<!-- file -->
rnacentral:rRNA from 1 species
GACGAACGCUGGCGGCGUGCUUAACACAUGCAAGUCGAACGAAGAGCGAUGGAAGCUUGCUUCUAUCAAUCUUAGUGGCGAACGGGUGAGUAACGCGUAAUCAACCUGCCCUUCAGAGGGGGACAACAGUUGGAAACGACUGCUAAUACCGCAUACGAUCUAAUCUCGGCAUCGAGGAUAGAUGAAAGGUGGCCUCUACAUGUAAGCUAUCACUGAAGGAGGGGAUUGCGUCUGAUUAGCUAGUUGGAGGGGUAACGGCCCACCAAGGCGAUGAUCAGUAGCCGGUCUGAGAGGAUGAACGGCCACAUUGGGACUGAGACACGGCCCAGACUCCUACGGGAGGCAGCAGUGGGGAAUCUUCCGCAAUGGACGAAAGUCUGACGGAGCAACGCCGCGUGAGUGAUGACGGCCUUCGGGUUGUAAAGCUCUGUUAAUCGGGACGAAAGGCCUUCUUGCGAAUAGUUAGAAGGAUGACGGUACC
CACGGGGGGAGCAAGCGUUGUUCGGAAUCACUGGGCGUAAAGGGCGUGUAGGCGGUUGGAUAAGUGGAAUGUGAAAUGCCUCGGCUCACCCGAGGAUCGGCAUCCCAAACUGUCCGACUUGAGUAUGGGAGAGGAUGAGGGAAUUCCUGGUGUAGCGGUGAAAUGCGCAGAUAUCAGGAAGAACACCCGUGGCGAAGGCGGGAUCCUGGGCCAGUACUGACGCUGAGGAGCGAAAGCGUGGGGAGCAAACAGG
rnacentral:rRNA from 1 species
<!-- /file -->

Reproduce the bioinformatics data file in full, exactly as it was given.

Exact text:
rnacentral:rRNA from 1 species
GACGAACGCUGGCGGCGUGCUUAACACAUGCAAGUCGAACGAAGAGCGAUGGAAGCUUGCUUCUAUCAAUCUUAGUGGCGAACGGGUGAGUAACGCGUAAUCAACCUGCCCUUCAGAGGGGGACAACAGUUGGAAACGACUGCUAAUACCGCAUACGAUCUAAUCUCGGCAUCGAGGAUAGAUGAAAGGUGGCCUCUACAUGUAAGCUAUCACUGAAGGAGGGGAUUGCGUCUGAUUAGCUAGUUGGAGGGGUAACGGCCCACCAAGGCGAUGAUCAGUAGCCGGUCUGAGAGGAUGAACGGCCACAUUGGGACUGAGACACGGCCCAGACUCCUACGGGAGGCAGCAGUGGGGAAUCUUCCGCAAUGGACGAAAGUCUGACGGAGCAACGCCGCGUGAGUGAUGACGGCCUUCGGGUUGUAAAGCUCUGUUAAUCGGGACGAAAGGCCUUCUUGCGAAUAGUUAGAAGGAUGACGGUACC
CACGGGGGGAGCAAGCGUUGUUCGGAAUCACUGGGCGUAAAGGGCGUGUAGGCGGUUGGAUAAGUGGAAUGUGAAAUGCCUCGGCUCACCCGAGGAUCGGCAUCCCAAACUGUCCGACUUGAGUAUGGGAGAGGAUGAGGGAAUUCCUGGUGUAGCGGUGAAAUGCGCAGAUAUCAGGAAGAACACCCGUGGCGAAGGCGGGAUCCUGGGCCAGUACUGACGCUGAGGAGCGAAAGCGUGGGGAGCAAACAGG
rnacentral:rRNA from 1 species